I don't entirely see the appeal of Boris. He seems to be an opportunist from a family of opportunists. That said, his flawed nature seems to lend him a human quality that Theresa May lacked. Although it doesn't always work for him, he appears to have that quality of being lucky and people like to be close to those who appear lucky, charming, enthusiastic, etc..

I think Farage did mis-step in losing his sense of humour and slagging off Boris' version of the WA. This was unfortunate and I can only imagine he was disappointed and feared another stitch-up. It brought criticism down on him and he has, perhaps as a result, now capitulated too much for very little, if anything, in return. The Brexit Party is still little more than a protest group. As such, it may not matter whether it gets any MPs or not but I think it would be very helpful if it did. By giving in to the Conservatives, he may have lost some Labour Leave votes but - who knows - maybe he has gained some indirect leverage within the Conservative Party.

As you say, Brexit is a process which changes and develops over time. Many politicians have, of course, sought to (re-)define 'Brexit' to suit themselves, and this is ongoing. I agree with your last few sentences. Boris is seen as a pragmatist who has been able to move the debate forward.

2 years ago @ http://www.conservativ... - WATCH: "The Brexit Par... · 2 replies · +1 points

I don't disagree with you. You infer quite a lot and so do I. We just vary a bit in our inferences.

The voters understand the appeal of 'no deal' (freedom!) but also understand that geopolitics and Realpolitik mean that compromise is necessary. I doubt they like Boris' WA - they know it's not good for the UK - but they know, in reality, that the EU will still have power over the UK after 'Brexit', so an accommodation must be reached. I agree Farage recognises this. He recognises it because he knows the voters are, sadly, not brave enough to vote for minority political parties in GEs.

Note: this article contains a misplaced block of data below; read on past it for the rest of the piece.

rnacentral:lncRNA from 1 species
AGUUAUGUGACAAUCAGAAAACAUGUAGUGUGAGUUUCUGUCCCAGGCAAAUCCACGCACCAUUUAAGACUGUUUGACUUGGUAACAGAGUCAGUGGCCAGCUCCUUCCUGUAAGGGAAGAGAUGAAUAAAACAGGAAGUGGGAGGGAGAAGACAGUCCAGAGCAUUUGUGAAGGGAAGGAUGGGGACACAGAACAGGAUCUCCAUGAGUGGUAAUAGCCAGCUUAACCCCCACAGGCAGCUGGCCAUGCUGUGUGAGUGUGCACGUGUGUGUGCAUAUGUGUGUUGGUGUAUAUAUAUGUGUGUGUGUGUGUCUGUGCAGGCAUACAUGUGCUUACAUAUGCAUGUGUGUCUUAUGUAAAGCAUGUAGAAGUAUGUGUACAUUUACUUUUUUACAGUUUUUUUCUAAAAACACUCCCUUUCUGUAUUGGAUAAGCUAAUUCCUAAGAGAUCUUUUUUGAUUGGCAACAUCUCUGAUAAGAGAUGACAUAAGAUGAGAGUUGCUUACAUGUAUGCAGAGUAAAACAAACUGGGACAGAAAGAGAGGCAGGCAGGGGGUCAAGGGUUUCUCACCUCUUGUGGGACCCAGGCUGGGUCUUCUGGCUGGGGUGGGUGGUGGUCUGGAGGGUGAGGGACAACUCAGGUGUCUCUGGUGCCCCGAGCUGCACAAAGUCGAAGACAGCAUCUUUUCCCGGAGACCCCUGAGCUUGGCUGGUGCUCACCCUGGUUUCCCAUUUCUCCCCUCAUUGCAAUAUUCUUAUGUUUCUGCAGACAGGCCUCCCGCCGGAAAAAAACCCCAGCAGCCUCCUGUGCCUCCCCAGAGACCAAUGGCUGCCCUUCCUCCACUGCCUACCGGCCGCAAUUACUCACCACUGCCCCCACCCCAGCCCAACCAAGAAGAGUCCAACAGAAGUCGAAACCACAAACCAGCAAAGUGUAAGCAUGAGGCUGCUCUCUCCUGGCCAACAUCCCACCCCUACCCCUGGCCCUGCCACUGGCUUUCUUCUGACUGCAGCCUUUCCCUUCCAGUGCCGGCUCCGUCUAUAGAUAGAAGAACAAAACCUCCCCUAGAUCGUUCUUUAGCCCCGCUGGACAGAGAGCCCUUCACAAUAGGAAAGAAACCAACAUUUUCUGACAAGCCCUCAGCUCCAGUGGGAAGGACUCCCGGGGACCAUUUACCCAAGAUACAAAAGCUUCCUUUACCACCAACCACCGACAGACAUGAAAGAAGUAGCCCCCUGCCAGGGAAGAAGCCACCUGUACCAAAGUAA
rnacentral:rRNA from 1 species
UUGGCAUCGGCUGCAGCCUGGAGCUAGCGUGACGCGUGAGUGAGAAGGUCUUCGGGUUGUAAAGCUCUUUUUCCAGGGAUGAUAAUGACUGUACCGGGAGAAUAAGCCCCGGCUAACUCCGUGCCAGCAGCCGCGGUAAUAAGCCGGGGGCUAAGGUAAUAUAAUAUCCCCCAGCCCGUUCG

I would assume there have been backroom talks between him and Conservative Eurosceptics. It is reported that there have been such talks but Farage knows he can't trust the Conservative eurosceptics and they all know they can't trust Boris. Farage will struggle to get MPs and Boris will renege on agreements with eurosceptics once he gets his majority.

As you say, it's all dependent on the result of the GE which is somewhat predictable but still up for grabs.

The public may have admired Boris' ability to get changes to May's WA but the public also understand that it is a flawed agreement and not really Brexit. The public will hope that, given the right parliamentary arithmetic, post-GE, the government will be in a position to negotiate effectively to secure a better ongoing deal. For this reason, and for the reason that TBP may have little influence post-GE, the public may vote Conservative in an attempt to achieve a 'reasonably good' outcome to Brexit. But that doesn't mean the public likes Boris Johnson or trusts him or his 'deal'. He has broken several promises already and once can see the cynical way in which he, Cummings and Gove are manipulating matters - for party political ends. The Conservative Party is, and always has been, a nest of vipers.